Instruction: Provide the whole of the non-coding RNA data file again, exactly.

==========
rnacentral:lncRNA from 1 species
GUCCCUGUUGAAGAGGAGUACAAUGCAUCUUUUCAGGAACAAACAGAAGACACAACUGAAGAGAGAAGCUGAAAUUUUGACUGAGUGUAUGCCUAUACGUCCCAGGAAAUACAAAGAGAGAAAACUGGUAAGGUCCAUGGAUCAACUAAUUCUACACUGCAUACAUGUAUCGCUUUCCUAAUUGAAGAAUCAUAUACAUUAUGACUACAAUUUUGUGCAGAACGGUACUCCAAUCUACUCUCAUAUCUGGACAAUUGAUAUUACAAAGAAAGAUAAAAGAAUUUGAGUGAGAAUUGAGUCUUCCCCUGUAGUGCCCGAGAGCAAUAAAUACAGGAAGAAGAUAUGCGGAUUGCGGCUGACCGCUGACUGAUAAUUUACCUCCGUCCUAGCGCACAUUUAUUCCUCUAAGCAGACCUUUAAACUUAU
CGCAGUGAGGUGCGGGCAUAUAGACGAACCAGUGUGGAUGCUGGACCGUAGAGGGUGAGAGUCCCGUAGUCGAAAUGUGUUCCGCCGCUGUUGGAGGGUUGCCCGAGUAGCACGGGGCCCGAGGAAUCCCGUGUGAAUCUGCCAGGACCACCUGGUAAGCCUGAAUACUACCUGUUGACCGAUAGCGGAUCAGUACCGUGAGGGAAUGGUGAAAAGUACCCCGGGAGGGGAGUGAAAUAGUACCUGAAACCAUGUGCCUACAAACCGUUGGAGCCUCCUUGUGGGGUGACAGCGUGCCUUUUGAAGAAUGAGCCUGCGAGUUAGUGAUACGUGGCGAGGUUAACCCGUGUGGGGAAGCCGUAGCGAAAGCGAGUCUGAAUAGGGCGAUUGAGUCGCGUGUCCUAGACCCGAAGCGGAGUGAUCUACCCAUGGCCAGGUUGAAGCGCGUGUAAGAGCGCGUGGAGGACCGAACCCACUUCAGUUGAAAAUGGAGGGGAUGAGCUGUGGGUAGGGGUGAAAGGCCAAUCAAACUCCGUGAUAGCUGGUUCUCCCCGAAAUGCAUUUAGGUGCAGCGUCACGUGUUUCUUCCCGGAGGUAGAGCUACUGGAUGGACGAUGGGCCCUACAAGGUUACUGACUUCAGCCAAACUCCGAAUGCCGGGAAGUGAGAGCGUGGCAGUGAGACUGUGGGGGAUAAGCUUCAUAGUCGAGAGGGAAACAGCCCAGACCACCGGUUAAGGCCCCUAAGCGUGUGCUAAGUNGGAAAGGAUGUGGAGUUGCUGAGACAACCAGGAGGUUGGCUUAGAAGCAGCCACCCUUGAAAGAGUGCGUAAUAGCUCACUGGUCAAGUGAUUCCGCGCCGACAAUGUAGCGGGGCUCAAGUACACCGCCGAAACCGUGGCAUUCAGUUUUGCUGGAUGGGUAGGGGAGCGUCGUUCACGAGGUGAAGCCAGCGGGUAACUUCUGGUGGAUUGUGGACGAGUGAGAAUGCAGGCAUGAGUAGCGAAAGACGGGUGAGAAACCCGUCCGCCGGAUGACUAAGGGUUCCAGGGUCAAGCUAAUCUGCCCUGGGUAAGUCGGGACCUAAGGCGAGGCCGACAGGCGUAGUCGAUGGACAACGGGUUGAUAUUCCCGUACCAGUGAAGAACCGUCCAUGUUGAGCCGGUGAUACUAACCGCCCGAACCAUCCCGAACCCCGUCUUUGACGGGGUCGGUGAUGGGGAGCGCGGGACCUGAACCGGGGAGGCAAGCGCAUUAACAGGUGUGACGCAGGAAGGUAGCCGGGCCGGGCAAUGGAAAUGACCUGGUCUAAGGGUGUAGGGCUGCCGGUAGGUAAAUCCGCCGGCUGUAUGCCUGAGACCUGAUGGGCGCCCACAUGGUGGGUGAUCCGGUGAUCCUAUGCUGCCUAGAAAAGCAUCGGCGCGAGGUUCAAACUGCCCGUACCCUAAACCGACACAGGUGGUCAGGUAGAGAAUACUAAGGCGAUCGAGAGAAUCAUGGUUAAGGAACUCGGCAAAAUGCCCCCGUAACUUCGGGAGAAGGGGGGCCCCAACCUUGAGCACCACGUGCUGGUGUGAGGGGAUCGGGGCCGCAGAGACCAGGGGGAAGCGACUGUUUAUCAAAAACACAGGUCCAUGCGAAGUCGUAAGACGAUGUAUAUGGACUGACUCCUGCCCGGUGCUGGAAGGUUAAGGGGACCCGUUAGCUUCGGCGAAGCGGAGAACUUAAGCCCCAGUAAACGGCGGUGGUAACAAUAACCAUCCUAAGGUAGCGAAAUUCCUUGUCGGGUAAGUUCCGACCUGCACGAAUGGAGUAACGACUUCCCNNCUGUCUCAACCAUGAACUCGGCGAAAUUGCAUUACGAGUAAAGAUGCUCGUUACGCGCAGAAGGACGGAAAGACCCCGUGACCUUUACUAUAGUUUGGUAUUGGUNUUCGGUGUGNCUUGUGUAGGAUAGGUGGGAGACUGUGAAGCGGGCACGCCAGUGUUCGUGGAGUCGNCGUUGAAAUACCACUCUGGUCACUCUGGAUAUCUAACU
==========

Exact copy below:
rnacentral:lncRNA from 1 species
GUCCCUGUUGAAGAGGAGUACAAUGCAUCUUUUCAGGAACAAACAGAAGACACAACUGAAGAGAGAAGCUGAAAUUUUGACUGAGUGUAUGCCUAUACGUCCCAGGAAAUACAAAGAGAGAAAACUGGUAAGGUCCAUGGAUCAACUAAUUCUACACUGCAUACAUGUAUCGCUUUCCUAAUUGAAGAAUCAUAUACAUUAUGACUACAAUUUUGUGCAGAACGGUACUCCAAUCUACUCUCAUAUCUGGACAAUUGAUAUUACAAAGAAAGAUAAAAGAAUUUGAGUGAGAAUUGAGUCUUCCCCUGUAGUGCCCGAGAGCAAUAAAUACAGGAAGAAGAUAUGCGGAUUGCGGCUGACCGCUGACUGAUAAUUUACCUCCGUCCUAGCGCACAUUUAUUCCUCUAAGCAGACCUUUAAACUUAU
CGCAGUGAGGUGCGGGCAUAUAGACGAACCAGUGUGGAUGCUGGACCGUAGAGGGUGAGAGUCCCGUAGUCGAAAUGUGUUCCGCCGCUGUUGGAGGGUUGCCCGAGUAGCACGGGGCCCGAGGAAUCCCGUGUGAAUCUGCCAGGACCACCUGGUAAGCCUGAAUACUACCUGUUGACCGAUAGCGGAUCAGUACCGUGAGGGAAUGGUGAAAAGUACCCCGGGAGGGGAGUGAAAUAGUACCUGAAACCAUGUGCCUACAAACCGUUGGAGCCUCCUUGUGGGGUGACAGCGUGCCUUUUGAAGAAUGAGCCUGCGAGUUAGUGAUACGUGGCGAGGUUAACCCGUGUGGGGAAGCCGUAGCGAAAGCGAGUCUGAAUAGGGCGAUUGAGUCGCGUGUCCUAGACCCGAAGCGGAGUGAUCUACCCAUGGCCAGGUUGAAGCGCGUGUAAGAGCGCGUGGAGGACCGAACCCACUUCAGUUGAAAAUGGAGGGGAUGAGCUGUGGGUAGGGGUGAAAGGCCAAUCAAACUCCGUGAUAGCUGGUUCUCCCCGAAAUGCAUUUAGGUGCAGCGUCACGUGUUUCUUCCCGGAGGUAGAGCUACUGGAUGGACGAUGGGCCCUACAAGGUUACUGACUUCAGCCAAACUCCGAAUGCCGGGAAGUGAGAGCGUGGCAGUGAGACUGUGGGGGAUAAGCUUCAUAGUCGAGAGGGAAACAGCCCAGACCACCGGUUAAGGCCCCUAAGCGUGUGCUAAGUNGGAAAGGAUGUGGAGUUGCUGAGACAACCAGGAGGUUGGCUUAGAAGCAGCCACCCUUGAAAGAGUGCGUAAUAGCUCACUGGUCAAGUGAUUCCGCGCCGACAAUGUAGCGGGGCUCAAGUACACCGCCGAAACCGUGGCAUUCAGUUUUGCUGGAUGGGUAGGGGAGCGUCGUUCACGAGGUGAAGCCAGCGGGUAACUUCUGGUGGAUUGUGGACGAGUGAGAAUGCAGGCAUGAGUAGCGAAAGACGGGUGAGAAACCCGUCCGCCGGAUGACUAAGGGUUCCAGGGUCAAGCUAAUCUGCCCUGGGUAAGUCGGGACCUAAGGCGAGGCCGACAGGCGUAGUCGAUGGACAACGGGUUGAUAUUCCCGUACCAGUGAAGAACCGUCCAUGUUGAGCCGGUGAUACUAACCGCCCGAACCAUCCCGAACCCCGUCUUUGACGGGGUCGGUGAUGGGGAGCGCGGGACCUGAACCGGGGAGGCAAGCGCAUUAACAGGUGUGACGCAGGAAGGUAGCCGGGCCGGGCAAUGGAAAUGACCUGGUCUAAGGGUGUAGGGCUGCCGGUAGGUAAAUCCGCCGGCUGUAUGCCUGAGACCUGAUGGGCGCCCACAUGGUGGGUGAUCCGGUGAUCCUAUGCUGCCUAGAAAAGCAUCGGCGCGAGGUUCAAACUGCCCGUACCCUAAACCGACACAGGUGGUCAGGUAGAGAAUACUAAGGCGAUCGAGAGAAUCAUGGUUAAGGAACUCGGCAAAAUGCCCCCGUAACUUCGGGAGAAGGGGGGCCCCAACCUUGAGCACCACGUGCUGGUGUGAGGGGAUCGGGGCCGCAGAGACCAGGGGGAAGCGACUGUUUAUCAAAAACACAGGUCCAUGCGAAGUCGUAAGACGAUGUAUAUGGACUGACUCCUGCCCGGUGCUGGAAGGUUAAGGGGACCCGUUAGCUUCGGCGAAGCGGAGAACUUAAGCCCCAGUAAACGGCGGUGGUAACAAUAACCAUCCUAAGGUAGCGAAAUUCCUUGUCGGGUAAGUUCCGACCUGCACGAAUGGAGUAACGACUUCCCNNCUGUCUCAACCAUGAACUCGGCGAAAUUGCAUUACGAGUAAAGAUGCUCGUUACGCGCAGAAGGACGGAAAGACCCCGUGACCUUUACUAUAGUUUGGUAUUGGUNUUCGGUGUGNCUUGUGUAGGAUAGGUGGGAGACUGUGAAGCGGGCACGCCAGUGUUCGUGGAGUCGNCGUUGAAAUACCACUCUGGUCACUCUGGAUAUCUAACU